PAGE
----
by Nicole Dahmen, Kathryn Thier, and Brent Walth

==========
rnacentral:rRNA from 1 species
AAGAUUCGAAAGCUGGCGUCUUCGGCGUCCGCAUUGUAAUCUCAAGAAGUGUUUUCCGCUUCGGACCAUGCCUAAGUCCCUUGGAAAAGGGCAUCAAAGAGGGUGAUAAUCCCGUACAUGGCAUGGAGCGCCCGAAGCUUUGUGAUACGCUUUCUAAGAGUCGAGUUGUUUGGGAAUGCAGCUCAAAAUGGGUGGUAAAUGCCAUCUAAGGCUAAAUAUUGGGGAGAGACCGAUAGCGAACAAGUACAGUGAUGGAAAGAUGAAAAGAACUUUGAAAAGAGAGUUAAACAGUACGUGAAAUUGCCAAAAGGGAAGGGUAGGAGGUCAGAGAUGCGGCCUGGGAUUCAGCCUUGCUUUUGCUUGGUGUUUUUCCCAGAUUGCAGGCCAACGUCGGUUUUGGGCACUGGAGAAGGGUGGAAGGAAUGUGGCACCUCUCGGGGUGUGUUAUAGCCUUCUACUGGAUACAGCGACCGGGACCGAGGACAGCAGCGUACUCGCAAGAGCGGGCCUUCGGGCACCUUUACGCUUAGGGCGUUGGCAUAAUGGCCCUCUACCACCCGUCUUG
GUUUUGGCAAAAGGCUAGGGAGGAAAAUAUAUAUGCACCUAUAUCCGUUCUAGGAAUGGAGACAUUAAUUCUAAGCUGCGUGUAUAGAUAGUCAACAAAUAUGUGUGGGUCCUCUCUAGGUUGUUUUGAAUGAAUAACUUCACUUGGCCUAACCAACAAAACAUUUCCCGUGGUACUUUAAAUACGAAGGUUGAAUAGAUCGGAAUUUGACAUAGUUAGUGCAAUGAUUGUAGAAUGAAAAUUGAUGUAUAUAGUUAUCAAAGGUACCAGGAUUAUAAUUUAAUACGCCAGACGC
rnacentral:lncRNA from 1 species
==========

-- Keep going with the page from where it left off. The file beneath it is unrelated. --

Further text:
An increasing number of news organizations are reporting stories about responses to persistent societal problems, a reporting form known as solutions journalism. While this type of reporting practice is typically text-based, visual reporting can also be solutions journalism. Photojournalism theory and practice pose particular insights for advancing academic understanding of solutions journalism. This study uses an experiment to examine effects of exposure to problem-oriented versus solution-oriented photojournalism for three different story topics. The study examines important variables such as narrative engagement, interest, self-efficacy, and behavioral intentions. Study data suggest that narrative engagement can play an important role in involving audiences in visual solutions reporting, with data showing that solutions visual reporting is more engaging on average. Further, when audiences are more engaged in the visual solutions reporting, participants report more positive outcomes for interest, self-efficacy, and behavior intentions. Study findings have implications for both journalism theory and for the practice of visual solutions journalism.